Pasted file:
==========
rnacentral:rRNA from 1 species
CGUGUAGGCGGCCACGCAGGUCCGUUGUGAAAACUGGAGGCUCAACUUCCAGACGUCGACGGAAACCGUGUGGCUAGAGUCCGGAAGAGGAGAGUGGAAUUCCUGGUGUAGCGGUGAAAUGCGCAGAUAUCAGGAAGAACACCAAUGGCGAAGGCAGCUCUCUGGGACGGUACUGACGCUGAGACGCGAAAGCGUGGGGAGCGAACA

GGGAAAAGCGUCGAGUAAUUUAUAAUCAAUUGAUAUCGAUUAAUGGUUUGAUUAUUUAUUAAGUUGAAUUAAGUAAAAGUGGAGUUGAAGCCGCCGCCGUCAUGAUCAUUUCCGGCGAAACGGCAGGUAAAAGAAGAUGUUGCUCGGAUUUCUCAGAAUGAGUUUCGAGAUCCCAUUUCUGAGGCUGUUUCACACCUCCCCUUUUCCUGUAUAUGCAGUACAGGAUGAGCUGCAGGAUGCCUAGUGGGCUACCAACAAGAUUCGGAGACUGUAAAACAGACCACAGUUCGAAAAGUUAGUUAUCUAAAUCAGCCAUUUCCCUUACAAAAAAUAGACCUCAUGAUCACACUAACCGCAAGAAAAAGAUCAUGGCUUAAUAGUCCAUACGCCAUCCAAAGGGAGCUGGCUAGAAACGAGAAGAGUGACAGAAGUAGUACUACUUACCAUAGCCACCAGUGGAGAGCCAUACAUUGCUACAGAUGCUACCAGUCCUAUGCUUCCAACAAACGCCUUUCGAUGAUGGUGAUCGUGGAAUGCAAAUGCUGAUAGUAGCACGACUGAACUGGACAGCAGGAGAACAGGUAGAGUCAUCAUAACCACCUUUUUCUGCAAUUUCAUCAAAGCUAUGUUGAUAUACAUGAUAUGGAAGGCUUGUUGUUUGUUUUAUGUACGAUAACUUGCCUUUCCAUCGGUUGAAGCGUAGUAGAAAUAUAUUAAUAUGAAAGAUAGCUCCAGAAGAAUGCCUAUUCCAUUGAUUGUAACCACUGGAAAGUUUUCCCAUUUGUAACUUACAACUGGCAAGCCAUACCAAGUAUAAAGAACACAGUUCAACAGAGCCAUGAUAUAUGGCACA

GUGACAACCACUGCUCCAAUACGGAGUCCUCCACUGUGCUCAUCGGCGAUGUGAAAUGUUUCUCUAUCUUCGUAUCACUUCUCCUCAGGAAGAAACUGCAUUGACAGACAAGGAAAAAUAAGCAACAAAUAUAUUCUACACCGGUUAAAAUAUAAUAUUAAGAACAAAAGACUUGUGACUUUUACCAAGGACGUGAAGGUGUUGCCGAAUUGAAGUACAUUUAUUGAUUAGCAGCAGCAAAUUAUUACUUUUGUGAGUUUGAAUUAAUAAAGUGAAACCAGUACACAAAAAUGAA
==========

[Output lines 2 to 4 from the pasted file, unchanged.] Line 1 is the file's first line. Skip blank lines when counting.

CGUGUAGGCGGCCACGCAGGUCCGUUGUGAAAACUGGAGGCUCAACUUCCAGACGUCGACGGAAACCGUGUGGCUAGAGUCCGGAAGAGGAGAGUGGAAUUCCUGGUGUAGCGGUGAAAUGCGCAGAUAUCAGGAAGAACACCAAUGGCGAAGGCAGCUCUCUGGGACGGUACUGACGCUGAGACGCGAAAGCGUGGGGAGCGAACA

GGGAAAAGCGUCGAGUAAUUUAUAAUCAAUUGAUAUCGAUUAAUGGUUUGAUUAUUUAUUAAGUUGAAUUAAGUAAAAGUGGAGUUGAAGCCGCCGCCGUCAUGAUCAUUUCCGGCGAAACGGCAGGUAAAAGAAGAUGUUGCUCGGAUUUCUCAGAAUGAGUUUCGAGAUCCCAUUUCUGAGGCUGUUUCACACCUCCCCUUUUCCUGUAUAUGCAGUACAGGAUGAGCUGCAGGAUGCCUAGUGGGCUACCAACAAGAUUCGGAGACUGUAAAACAGACCACAGUUCGAAAAGUUAGUUAUCUAAAUCAGCCAUUUCCCUUACAAAAAAUAGACCUCAUGAUCACACUAACCGCAAGAAAAAGAUCAUGGCUUAAUAGUCCAUACGCCAUCCAAAGGGAGCUGGCUAGAAACGAGAAGAGUGACAGAAGUAGUACUACUUACCAUAGCCACCAGUGGAGAGCCAUACAUUGCUACAGAUGCUACCAGUCCUAUGCUUCCAACAAACGCCUUUCGAUGAUGGUGAUCGUGGAAUGCAAAUGCUGAUAGUAGCACGACUGAACUGGACAGCAGGAGAACAGGUAGAGUCAUCAUAACCACCUUUUUCUGCAAUUUCAUCAAAGCUAUGUUGAUAUACAUGAUAUGGAAGGCUUGUUGUUUGUUUUAUGUACGAUAACUUGCCUUUCCAUCGGUUGAAGCGUAGUAGAAAUAUAUUAAUAUGAAAGAUAGCUCCAGAAGAAUGCCUAUUCCAUUGAUUGUAACCACUGGAAAGUUUUCCCAUUUGUAACUUACAACUGGCAAGCCAUACCAAGUAUAAAGAACACAGUUCAACAGAGCCAUGAUAUAUGGCACA

GUGACAACCACUGCUCCAAUACGGAGUCCUCCACUGUGCUCAUCGGCGAUGUGAAAUGUUUCUCUAUCUUCGUAUCACUUCUCCUCAGGAAGAAACUGCAUUGACAGACAAGGAAAAAUAAGCAACAAAUAUAUUCUACACCGGUUAAAAUAUAAUAUUAAGAACAAAAGACUUGUGACUUUUACCAAGGACGUGAAGGUGUUGCCGAAUUGAAGUACAUUUAUUGAUUAGCAGCAGCAAAUUAUUACUUUUGUGAGUUUGAAUUAAUAAAGUGAAACCAGUACACAAAAAUGAA